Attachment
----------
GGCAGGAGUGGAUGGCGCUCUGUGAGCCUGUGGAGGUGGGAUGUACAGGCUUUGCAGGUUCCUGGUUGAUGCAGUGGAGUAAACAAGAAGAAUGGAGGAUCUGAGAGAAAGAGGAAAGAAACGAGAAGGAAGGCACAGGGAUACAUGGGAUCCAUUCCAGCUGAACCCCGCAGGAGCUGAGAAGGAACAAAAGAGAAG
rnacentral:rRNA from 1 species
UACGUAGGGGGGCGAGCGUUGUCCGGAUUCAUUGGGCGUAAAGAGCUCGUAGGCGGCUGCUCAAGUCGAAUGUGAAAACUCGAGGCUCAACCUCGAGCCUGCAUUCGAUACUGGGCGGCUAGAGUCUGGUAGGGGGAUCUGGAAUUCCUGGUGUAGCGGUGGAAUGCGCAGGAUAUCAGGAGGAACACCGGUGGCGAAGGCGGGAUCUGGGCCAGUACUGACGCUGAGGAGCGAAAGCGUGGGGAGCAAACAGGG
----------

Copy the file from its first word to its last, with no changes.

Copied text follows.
GGCAGGAGUGGAUGGCGCUCUGUGAGCCUGUGGAGGUGGGAUGUACAGGCUUUGCAGGUUCCUGGUUGAUGCAGUGGAGUAAACAAGAAGAAUGGAGGAUCUGAGAGAAAGAGGAAAGAAACGAGAAGGAAGGCACAGGGAUACAUGGGAUCCAUUCCAGCUGAACCCCGCAGGAGCUGAGAAGGAACAAAAGAGAAG
rnacentral:rRNA from 1 species
UACGUAGGGGGGCGAGCGUUGUCCGGAUUCAUUGGGCGUAAAGAGCUCGUAGGCGGCUGCUCAAGUCGAAUGUGAAAACUCGAGGCUCAACCUCGAGCCUGCAUUCGAUACUGGGCGGCUAGAGUCUGGUAGGGGGAUCUGGAAUUCCUGGUGUAGCGGUGGAAUGCGCAGGAUAUCAGGAGGAACACCGGUGGCGAAGGCGGGAUCUGGGCCAGUACUGACGCUGAGGAGCGAAAGCGUGGGGAGCAAACAGGG